The latest developments surrounding the COVID-19 Omicron variant have American businesses on edge, and for good reason.
The World Health Organization (WHO) has stated that the new variant poses a “very high” global risk, leaving companies around the world once again anticipating even more government restrictions.
According to the current administration, approximately a third of America’s small businesses were forced to shut their doors during the pandemic. Although experts have attempted to ease business owners’ concerns in the face of the new variant, stating that we are more prepared now than ever before, there will undoubtedly be some adversity that business owners face with this new wave.
That’s why it’s vitally important for the U.S. government to realize one crucial fact: American businesses are just starting to get back to full strength after having to suffer blow after blow during the initial waves of the virus. With threats of new mandates and shut down orders, along with a fragile supply chain and rising inflation rates, now is not the time to pull back available financial assistance.
Starting with the Paycheck Protection Program (PPP) and eventually the Employee Retention Credit (ERC), Congress understood the need for American businesses to have access to capital when government shutdown orders restricted their ability to conduct business normally.
That’s why it was unfortunate to see Congress cut the qualification period for the ERC by a full calendar quarter as part of its Infrastructure Investment and Jobs Act. Until the passage of the new infrastructure bill, companies could claim the payroll credit using amounts spent on U.S. wages through the end of 2021. Now, although businesses can still claim the credit for prior quarters, the period for calculating eligibility ended as of September 2021.
This deprives American businesses that are still digging themselves out of a financial hole brought on by this tragic pandemic of billions of dollars. Ending the eligibility period for this incentive a full quarter early, especially in the face of the Omicron variant, ignores the barriers that these businesses are still facing.
Since the infrastructure bill was drafted, new variants emerged and changed the equation. Given the precarious political support for the bill, Congress couldn’t make any changes, even after Delta started spreading.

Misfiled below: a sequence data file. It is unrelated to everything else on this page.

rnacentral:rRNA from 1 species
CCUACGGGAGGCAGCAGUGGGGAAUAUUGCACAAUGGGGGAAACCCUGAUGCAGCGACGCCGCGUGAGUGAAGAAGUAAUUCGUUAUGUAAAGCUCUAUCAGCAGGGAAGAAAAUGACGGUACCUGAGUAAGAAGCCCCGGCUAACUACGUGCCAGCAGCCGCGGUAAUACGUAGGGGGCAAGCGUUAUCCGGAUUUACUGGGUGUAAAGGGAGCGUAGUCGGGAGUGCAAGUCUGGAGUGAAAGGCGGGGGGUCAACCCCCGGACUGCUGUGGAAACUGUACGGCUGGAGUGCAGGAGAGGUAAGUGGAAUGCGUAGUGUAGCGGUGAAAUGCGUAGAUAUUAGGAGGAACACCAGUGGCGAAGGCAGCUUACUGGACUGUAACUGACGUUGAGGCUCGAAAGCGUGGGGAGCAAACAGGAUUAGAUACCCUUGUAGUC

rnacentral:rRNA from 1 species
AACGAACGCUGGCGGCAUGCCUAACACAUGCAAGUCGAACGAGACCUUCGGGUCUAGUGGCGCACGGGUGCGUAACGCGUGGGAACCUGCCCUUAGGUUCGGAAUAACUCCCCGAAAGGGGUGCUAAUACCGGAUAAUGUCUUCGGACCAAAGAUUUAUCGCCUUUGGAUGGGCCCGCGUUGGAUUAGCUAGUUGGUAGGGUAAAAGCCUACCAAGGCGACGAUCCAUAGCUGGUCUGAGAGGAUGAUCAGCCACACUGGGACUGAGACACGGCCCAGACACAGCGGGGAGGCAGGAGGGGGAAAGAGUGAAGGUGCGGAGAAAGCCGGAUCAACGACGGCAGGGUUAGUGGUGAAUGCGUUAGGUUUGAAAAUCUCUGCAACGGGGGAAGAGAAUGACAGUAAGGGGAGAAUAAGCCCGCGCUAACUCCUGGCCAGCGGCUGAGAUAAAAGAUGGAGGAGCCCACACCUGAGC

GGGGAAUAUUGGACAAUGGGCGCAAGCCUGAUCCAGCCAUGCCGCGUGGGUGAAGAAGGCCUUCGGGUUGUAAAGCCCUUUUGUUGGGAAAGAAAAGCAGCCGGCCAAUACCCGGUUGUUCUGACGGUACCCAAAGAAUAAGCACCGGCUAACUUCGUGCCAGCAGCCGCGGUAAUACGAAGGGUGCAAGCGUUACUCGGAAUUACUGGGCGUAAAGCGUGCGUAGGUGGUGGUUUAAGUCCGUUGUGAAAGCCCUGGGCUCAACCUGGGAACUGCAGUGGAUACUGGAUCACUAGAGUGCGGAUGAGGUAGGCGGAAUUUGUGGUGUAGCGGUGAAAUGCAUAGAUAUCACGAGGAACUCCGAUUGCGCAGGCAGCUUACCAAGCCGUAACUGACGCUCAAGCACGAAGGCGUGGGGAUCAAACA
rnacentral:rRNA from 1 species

Congress should take a step back and realize the significance of taking away this crucial support for millions of businesses who will still need this cushion to weave their way through the pandemic era. Luckily, a new bill, the “Employee Retention Tax Credit Reinstatement Act,” calls on Congress to do just that.
The bill, which would reinstate the ERC for the fourth quarter of 2021, was recently put forward by Congresswoman Carol Miller (R-WV) and cosponsored by fellow Ways and Means Members Stephanie Murphy (D-FL), Kevin Hern (R-OK), and Terri Sewell (D-AL).
Miller acknowledges in her statement regarding the bill that Congress eliminating the credit “was the wrong decision and hurts our small businesses who are still recovering from the economic fallout of the pandemic.”
The Congresswoman couldn’t be more right. The bottom line is that access to some sort of capital to stay afloat is still needed by businesses across the country. We must work to get ahead of the curve and provide federal support for small and medium-sized businesses before too much damage is done and jobs are needlessly lost.
We have seen firsthand the impact that this tax credit has had on businesses, who with access to this lifeline have been able to keep employees on payroll, invest in their operations, and keep their doors open during one of the harshest economic periods in recent history for our country.
An increase in vaccination rates, as well as other improvements in tools to help combat COVID-19, are promising signs that will help us push back against the Omicron variant in ways we couldn’t during the pandemic’s first wave. However, we must remain cognizant of the fact that American businesses are still suffering.
Congress should heed the lessons learned during the initial stages of this terrible pandemic, and work to support small businesses as they prepare for another potential wave.
Rick Lazio is currently a senior vice president at alliantgroup. He is a former managing director and executive vice president at JP Morgan Chase. A former U.S. Representative from New York, Lazio served in Congress from 1993 to 2001.
Joe Crowley is a senior policy advisor at Squire Patton Boggs in Washington and serves as alliantgroup’s chairman for job creation and retention. He was elected to Congress in 1998 to represent New York’s 7th District and in 2012 as the representative of New York’s 14th District. Crowley served as chair of the House Democratic Caucus and a member of the House Committee on Ways and Means.
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